Credit extension to the private sector was chiefly to blame for the acceleration in money supply growth. In February the Reserve Bank imposed stricter monetary policies, including a one percentage point rise in the Bank rate and an adjustment of the guideline band for growth in the money supply, to 6-10%. In addition, the cash reserve requirements for the private banking sector were raised by one percentage point.

As a result of an expected acceleration in the inflation rate, higher international interest rates, the need for foreign capital and great demands on the local market on account of the government's financing needs, a further rise of two percentage points in the Bank rate is foreseen for 1995.

The rise in long-term rates has largely discounted the abolition of the financial rand over the past few months. The government's intended utilisation of offshore loans could temper upward pressure on rates to some extent. However, indications that international long-term interest rates would remain high in the foreseeable future should cause local rates to fluctuate between 15% and 17%. This may result in a flatter yield curve.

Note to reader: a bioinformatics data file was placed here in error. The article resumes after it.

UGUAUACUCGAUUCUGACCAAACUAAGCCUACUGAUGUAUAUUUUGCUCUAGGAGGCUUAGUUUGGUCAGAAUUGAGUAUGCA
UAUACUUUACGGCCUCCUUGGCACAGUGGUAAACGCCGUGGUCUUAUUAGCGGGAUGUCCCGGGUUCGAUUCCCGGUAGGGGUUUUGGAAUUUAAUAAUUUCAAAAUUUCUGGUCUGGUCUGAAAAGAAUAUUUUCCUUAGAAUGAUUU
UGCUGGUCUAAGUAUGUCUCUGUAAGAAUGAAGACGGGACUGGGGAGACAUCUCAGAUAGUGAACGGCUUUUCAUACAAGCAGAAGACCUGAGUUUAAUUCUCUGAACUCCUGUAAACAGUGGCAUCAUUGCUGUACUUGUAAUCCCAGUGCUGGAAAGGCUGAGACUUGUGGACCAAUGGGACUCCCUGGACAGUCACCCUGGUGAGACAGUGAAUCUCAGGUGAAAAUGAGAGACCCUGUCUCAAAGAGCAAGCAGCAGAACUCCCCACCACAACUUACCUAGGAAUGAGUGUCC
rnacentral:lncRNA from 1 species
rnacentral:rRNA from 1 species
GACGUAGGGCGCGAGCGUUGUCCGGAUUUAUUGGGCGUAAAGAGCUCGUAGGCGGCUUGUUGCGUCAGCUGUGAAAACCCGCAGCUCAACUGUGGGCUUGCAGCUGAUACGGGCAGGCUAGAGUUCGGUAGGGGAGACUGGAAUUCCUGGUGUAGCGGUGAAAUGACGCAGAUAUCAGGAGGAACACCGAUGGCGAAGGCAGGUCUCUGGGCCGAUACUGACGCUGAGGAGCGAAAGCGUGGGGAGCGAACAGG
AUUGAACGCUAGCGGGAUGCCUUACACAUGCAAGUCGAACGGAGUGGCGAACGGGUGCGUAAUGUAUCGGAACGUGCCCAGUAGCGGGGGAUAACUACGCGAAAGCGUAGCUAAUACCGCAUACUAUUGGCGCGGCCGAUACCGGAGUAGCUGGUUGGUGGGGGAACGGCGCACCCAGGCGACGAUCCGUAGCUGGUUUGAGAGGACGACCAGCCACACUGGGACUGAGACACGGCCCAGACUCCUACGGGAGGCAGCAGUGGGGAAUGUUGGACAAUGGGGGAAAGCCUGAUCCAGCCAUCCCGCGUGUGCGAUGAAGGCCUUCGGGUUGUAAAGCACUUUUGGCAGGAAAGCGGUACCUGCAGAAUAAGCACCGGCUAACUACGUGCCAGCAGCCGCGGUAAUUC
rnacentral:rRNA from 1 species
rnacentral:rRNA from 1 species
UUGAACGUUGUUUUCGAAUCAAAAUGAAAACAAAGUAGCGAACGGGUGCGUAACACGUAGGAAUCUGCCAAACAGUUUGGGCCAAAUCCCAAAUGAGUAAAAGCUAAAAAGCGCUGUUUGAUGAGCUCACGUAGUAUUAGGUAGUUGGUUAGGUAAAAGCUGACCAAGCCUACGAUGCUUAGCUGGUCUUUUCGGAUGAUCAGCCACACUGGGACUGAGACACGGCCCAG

Industrial share prices declined by about 10% since the end of last year, but have firmed again somewhat since the abolition of the financial rand. Although companies' earnings growth may be quite vigorous this year and the next, a cyclical upswing in the economy usually points to a revaluation of shares. Price/earnings ratios are therefore expected to tend lower in the coming months. Gold shares have been dented somewhat by the demise of the financial rand. The weakness in the gold price and goldmines' continued production cost increases reduce the possibility of a marked rise in gold share prices in the near future.

Report completed on 22 March 1995

The content of this article is intended to provide a general guide to the subject matter. Specialist advice should be sought about your specific circumstances.